However, as we approach Christmas and a heightened sense of uncertainty for tens of thousands of state workers and millions of run of the mill Illinois citizens who depend on their service each day, the urgency for Governor Rauner, Speaker Madigan, Senate President John Cullerton, House Minority Leader Durkin, Senate Minority Leader Radogno, and Representative Greg Harris to spend every minute available to work out an agreement for the good of all Illinois residents.

Stuck in the middle of the mess, however, are 173 other elected officials who have been unfairly judged and criticized by their constituents… and unfairly meddled with by the Illinois Executive Branch. It is most certainly not a popular opinion, but these rank-and-file Representatives and Senators are wrongly being told to come to work on behalf of the citizens of Illinois without being paid for their time.

Former Comptroller Leslie Munger, a Republican, took a strong stand earlier this year to decide that legislator compensation would be put into the same ever-growing stack of bills to be paid by the State of Illinois. Newly-elected Comptroller Susana Mendoza, a Democrat, has pledged to continue that policy, unless ordered differently by a court of law. While this writer can appreciate the message that both the former and now current Comptrollers were trying to send, it has reached the point of becoming unfair to 173 people who have little to do with the position in which Illinois currently finds itself.

The blame for the current budget impasse is not on the rank-and-file lawmaker. People such as C.D. Davidsmeyer, Sam McCann, Avery Bourne, Sara Wojcicki-Jimenez, and Tim Butler can go to work in Springfield and give speeches on the floor of their respective chambers until they’re blue in the face, but the truth is, they have no power in the process of making a budget until one is presented to them for a vote. Currently, those five individuals – and 168 other colleagues – are being paid six months or more behind schedule. They’ve done nothing to deserve that, when the blame for the lack of a full-year state budget firmly rests on the shoulders of Governor Rauner, Speaker Madigan, President Cullerton, Leaders Durkin and Radogno, and – as of late – Representative Harris. Until these five people are able to get their heads together and compromise on a bill for the rank-and-file to vote on, nothing can happen. That’s how it works, folks, and we’re aiming our hate and vitriol at the wrong targets, when we criticize people outside of these five individuals.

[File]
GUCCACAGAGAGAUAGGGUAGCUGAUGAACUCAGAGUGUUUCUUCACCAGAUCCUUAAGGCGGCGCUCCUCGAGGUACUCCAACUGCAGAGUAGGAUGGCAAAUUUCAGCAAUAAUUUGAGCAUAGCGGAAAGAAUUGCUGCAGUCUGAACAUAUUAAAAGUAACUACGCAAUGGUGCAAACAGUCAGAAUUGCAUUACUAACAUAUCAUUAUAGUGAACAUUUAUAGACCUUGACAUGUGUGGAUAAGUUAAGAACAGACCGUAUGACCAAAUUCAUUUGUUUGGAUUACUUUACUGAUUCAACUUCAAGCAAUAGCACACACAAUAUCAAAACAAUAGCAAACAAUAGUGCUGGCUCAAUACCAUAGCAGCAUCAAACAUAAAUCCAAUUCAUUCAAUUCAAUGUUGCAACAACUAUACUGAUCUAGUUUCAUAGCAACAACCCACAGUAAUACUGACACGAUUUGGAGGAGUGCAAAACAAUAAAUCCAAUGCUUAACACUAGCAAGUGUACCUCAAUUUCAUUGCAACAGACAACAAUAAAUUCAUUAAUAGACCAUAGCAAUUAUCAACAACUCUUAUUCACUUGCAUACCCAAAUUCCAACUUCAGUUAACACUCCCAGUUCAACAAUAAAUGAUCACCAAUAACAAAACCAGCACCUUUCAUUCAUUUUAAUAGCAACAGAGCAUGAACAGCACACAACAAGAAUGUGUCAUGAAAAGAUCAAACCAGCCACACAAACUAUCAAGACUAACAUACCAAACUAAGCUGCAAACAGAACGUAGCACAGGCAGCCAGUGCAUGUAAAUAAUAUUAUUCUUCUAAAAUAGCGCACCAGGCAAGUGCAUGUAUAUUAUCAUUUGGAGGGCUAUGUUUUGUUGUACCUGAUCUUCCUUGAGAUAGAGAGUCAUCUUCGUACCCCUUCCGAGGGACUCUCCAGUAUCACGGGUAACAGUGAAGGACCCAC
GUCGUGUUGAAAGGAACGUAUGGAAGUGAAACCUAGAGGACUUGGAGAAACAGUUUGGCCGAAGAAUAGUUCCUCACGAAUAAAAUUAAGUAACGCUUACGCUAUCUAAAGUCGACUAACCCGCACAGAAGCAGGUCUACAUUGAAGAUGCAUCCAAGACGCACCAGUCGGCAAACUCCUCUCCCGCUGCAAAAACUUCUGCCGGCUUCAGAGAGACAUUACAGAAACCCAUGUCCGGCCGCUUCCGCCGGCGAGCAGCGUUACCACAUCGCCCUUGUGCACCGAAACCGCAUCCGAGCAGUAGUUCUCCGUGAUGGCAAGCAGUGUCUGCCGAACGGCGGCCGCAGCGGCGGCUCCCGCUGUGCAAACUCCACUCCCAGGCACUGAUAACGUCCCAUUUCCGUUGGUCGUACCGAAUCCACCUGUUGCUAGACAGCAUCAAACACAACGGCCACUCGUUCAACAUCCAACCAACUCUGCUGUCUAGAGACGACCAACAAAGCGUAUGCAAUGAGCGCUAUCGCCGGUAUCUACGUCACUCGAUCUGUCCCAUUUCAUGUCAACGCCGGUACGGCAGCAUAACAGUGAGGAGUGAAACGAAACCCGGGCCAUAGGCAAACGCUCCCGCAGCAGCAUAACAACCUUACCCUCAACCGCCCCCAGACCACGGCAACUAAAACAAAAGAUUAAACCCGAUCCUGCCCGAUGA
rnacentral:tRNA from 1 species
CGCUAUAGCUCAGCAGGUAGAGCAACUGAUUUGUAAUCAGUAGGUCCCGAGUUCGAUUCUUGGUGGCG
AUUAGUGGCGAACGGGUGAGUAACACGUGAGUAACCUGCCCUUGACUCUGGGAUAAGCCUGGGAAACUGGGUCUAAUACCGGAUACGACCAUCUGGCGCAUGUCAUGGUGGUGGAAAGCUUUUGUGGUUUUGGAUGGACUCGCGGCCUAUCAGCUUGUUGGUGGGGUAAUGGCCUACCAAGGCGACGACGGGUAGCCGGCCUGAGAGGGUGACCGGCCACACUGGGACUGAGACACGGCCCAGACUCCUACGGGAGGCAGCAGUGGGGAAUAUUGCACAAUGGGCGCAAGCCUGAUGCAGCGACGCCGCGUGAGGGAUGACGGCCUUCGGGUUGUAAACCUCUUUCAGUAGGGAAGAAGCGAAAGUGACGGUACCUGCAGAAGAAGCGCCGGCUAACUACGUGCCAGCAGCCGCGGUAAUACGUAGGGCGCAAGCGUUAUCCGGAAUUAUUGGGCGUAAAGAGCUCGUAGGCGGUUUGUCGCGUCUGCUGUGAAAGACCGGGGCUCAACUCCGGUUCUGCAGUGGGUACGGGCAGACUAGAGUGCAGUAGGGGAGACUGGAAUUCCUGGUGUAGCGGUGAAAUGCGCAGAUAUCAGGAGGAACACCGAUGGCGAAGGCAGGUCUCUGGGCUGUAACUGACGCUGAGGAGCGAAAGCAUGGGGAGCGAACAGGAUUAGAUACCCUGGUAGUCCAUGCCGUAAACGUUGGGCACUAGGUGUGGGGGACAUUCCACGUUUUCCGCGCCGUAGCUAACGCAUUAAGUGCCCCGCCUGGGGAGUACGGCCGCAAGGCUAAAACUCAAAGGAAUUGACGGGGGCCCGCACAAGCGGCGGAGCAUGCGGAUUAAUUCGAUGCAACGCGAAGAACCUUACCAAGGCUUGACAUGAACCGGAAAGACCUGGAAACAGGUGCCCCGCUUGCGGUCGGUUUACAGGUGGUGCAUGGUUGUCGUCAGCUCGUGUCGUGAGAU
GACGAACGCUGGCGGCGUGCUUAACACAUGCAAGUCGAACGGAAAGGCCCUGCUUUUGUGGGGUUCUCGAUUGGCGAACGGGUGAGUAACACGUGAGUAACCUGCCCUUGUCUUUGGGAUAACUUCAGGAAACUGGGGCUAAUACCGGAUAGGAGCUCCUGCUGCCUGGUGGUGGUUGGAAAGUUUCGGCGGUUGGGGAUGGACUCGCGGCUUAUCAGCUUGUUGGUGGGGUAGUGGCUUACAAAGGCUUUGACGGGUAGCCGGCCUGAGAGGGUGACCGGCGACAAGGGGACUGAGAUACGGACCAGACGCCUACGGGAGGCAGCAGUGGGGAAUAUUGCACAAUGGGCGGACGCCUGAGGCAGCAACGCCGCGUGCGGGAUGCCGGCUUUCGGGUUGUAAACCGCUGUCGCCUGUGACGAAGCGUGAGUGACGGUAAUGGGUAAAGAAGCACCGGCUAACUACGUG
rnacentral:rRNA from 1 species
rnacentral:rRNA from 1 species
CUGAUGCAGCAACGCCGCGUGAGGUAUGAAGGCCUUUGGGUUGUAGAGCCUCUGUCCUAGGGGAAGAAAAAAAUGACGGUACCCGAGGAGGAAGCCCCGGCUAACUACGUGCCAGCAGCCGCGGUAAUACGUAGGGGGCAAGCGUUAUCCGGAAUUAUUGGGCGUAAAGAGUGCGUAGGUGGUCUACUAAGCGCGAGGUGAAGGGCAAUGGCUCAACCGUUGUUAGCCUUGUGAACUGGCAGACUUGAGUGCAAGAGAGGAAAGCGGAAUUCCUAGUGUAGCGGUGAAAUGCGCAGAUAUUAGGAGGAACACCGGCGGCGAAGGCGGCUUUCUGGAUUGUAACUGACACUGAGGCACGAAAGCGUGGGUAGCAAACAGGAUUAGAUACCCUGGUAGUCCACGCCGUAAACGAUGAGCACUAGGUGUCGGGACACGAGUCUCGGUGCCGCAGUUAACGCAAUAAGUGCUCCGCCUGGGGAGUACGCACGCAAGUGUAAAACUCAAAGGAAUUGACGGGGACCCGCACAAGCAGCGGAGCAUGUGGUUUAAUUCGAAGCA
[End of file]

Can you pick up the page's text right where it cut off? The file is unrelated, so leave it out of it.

Now, in the midst of the ongoing fight in the budget sandbox, six Democratic lawmakers have filed suit against former Comptroller Munger and the State of Illinois in an attempt to force their paychecks to be given on time. This is not what residents of Illinois need or deserve right now. Now, on top of significant delays in social service payments, employee incentive compensation, travel reimbursement, aid to college students, and repairs to our infrastructure, Illinoisians will have to foot the bill to defend the state against a lawsuit that never should have been necessary in the first place.

Comptroller Mendoza, do the right thing for the lawmakers that have nothing to do with the budget process until a proposal is presented to them for a vote. Release legislator paychecks on time, just as you do for thousands of other State of Illinois employees. Don’t penalize the many over the actions of the (very) few.

Rauner Vetoes Binding Arbitration Bill for 2nd Time

Governor Bruce Rauner’s office this afternoon announced that he has vetoed a bill that would call for binding arbitration in the event of impasse between the administration and State of Illinois employee unions.

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Rauner: I’ll Pay for Special Session

Governor Bruce Rauner took an unprecedented step in Illinois politics on Wednesday by announcing that he was considering paying for a special session of the General Assembly, should one become necessary to solve the state’s budget impasse.